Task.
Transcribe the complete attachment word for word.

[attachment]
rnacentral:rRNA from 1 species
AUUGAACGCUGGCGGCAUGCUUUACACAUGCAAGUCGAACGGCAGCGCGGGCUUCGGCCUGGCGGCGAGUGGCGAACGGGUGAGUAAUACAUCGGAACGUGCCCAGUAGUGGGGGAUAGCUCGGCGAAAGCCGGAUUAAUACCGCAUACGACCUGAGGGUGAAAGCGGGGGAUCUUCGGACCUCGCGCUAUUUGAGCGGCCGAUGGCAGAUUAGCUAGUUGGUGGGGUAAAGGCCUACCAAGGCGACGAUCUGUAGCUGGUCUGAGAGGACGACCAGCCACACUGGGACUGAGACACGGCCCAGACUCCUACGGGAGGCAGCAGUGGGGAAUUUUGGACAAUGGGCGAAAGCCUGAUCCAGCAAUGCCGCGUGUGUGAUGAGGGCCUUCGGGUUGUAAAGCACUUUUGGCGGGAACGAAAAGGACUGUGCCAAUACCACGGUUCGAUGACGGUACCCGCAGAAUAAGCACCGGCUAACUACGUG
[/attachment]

rnacentral:rRNA from 1 species
AUUGAACGCUGGCGGCAUGCUUUACACAUGCAAGUCGAACGGCAGCGCGGGCUUCGGCCUGGCGGCGAGUGGCGAACGGGUGAGUAAUACAUCGGAACGUGCCCAGUAGUGGGGGAUAGCUCGGCGAAAGCCGGAUUAAUACCGCAUACGACCUGAGGGUGAAAGCGGGGGAUCUUCGGACCUCGCGCUAUUUGAGCGGCCGAUGGCAGAUUAGCUAGUUGGUGGGGUAAAGGCCUACCAAGGCGACGAUCUGUAGCUGGUCUGAGAGGACGACCAGCCACACUGGGACUGAGACACGGCCCAGACUCCUACGGGAGGCAGCAGUGGGGAAUUUUGGACAAUGGGCGAAAGCCUGAUCCAGCAAUGCCGCGUGUGUGAUGAGGGCCUUCGGGUUGUAAAGCACUUUUGGCGGGAACGAAAAGGACUGUGCCAAUACCACGGUUCGAUGACGGUACCCGCAGAAUAAGCACCGGCUAACUACGUG